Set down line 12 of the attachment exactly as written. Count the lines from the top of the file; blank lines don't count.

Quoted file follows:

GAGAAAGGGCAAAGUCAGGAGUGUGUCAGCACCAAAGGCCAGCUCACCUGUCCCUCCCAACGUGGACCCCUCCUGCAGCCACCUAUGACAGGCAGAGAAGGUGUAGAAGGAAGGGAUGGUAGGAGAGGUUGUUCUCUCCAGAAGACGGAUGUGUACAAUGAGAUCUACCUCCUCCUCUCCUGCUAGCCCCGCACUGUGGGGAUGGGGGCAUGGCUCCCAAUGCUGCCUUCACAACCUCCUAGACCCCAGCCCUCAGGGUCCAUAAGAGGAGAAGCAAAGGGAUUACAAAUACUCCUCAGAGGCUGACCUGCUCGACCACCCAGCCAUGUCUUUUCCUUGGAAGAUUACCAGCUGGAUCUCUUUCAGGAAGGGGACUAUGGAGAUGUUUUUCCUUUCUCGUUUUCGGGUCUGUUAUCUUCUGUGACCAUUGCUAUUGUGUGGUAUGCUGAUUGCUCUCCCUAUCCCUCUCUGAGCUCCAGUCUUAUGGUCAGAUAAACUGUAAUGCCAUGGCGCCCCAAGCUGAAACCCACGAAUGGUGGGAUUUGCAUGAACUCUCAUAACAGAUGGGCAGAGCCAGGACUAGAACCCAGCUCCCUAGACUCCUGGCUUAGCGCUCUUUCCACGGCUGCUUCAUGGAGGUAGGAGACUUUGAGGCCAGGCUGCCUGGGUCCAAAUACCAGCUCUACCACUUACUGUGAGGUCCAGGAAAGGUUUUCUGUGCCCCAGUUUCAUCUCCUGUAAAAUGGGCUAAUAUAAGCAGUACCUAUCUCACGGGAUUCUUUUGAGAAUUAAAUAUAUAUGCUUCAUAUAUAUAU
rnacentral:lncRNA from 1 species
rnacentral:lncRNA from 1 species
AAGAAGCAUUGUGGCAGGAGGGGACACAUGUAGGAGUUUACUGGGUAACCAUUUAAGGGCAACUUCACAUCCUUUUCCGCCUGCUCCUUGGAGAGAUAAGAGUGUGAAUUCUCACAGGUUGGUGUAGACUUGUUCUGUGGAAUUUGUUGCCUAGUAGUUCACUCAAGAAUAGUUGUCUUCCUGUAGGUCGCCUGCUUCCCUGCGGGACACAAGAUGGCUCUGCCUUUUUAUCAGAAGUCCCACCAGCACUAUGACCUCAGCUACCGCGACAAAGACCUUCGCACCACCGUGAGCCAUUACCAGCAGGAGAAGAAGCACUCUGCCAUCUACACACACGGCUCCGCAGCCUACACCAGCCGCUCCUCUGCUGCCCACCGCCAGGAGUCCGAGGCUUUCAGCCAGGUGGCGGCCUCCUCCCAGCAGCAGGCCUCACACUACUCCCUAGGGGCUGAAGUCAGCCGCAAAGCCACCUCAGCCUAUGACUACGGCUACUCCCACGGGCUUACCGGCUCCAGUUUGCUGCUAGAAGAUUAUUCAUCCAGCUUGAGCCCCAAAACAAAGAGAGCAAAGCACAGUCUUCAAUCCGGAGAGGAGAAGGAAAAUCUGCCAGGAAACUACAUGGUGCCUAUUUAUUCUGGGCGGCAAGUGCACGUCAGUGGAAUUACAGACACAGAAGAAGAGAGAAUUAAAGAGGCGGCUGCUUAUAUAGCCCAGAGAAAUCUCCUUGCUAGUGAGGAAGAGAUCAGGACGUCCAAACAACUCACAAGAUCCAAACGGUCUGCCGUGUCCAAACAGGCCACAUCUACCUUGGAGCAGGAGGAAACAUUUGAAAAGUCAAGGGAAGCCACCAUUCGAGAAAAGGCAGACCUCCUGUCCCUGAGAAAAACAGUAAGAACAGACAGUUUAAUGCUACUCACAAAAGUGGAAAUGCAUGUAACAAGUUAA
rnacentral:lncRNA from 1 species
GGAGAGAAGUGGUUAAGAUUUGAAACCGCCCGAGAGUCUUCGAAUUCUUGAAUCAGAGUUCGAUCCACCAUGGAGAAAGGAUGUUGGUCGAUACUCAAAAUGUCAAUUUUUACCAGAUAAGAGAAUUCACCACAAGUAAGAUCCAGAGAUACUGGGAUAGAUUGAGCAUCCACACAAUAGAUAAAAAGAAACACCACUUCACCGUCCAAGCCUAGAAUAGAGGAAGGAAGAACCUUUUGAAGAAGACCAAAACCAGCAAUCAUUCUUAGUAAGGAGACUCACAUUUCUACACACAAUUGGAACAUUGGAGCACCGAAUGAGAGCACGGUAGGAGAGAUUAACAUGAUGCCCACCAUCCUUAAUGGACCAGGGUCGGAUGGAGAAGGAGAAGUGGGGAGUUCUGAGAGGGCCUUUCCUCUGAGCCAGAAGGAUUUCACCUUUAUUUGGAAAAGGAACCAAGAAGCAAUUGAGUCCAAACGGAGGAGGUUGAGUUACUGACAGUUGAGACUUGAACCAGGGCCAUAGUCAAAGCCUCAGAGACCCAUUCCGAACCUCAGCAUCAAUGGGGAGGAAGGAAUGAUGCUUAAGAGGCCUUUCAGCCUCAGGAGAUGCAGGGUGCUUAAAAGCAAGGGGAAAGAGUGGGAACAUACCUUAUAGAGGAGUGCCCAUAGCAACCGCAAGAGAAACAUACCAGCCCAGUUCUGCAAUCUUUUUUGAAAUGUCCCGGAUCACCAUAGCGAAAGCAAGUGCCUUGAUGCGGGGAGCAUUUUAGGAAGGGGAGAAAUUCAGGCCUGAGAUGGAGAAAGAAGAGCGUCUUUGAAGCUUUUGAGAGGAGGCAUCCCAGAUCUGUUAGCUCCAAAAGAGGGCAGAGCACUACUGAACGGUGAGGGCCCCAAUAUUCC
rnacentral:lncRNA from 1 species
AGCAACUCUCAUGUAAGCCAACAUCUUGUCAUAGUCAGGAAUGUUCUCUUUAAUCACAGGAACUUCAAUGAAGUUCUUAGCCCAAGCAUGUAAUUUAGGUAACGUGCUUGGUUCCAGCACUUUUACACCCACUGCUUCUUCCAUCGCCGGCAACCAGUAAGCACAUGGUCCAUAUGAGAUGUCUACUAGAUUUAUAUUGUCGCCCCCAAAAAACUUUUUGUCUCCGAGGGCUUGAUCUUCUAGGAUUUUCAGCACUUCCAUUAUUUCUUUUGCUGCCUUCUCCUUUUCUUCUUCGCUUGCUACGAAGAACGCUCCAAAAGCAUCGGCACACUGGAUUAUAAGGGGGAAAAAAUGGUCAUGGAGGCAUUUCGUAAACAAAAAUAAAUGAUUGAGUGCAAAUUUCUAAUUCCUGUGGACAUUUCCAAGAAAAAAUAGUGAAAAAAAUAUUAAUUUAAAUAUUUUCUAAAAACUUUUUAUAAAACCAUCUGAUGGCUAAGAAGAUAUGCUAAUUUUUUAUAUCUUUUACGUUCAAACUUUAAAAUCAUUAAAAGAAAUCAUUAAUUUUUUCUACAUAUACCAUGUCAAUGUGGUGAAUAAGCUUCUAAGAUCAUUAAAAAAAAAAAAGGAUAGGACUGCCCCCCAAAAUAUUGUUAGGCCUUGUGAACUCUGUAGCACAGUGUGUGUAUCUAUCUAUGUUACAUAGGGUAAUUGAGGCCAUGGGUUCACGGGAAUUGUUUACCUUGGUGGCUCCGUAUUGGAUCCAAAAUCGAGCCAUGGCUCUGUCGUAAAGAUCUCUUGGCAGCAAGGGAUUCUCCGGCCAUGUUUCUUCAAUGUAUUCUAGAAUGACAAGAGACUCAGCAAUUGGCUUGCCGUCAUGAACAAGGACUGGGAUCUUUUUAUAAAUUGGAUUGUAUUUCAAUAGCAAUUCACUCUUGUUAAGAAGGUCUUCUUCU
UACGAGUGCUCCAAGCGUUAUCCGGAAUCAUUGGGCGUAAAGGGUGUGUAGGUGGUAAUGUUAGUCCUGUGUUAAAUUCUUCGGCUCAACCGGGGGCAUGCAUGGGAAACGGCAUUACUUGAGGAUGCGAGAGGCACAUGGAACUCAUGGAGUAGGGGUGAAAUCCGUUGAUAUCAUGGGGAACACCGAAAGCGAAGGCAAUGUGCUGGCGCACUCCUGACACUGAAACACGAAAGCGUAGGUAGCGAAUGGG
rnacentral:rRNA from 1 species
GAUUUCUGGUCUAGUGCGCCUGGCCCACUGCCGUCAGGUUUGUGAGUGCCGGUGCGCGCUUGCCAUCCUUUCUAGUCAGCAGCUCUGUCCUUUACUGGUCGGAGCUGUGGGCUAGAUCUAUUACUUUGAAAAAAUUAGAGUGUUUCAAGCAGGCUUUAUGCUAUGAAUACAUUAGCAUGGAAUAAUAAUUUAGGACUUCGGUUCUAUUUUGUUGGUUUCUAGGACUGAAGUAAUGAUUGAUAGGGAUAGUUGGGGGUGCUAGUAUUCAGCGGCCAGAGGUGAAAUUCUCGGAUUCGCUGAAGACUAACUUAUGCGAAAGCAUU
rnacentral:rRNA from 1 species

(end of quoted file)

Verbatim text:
rnacentral:rRNA from 1 species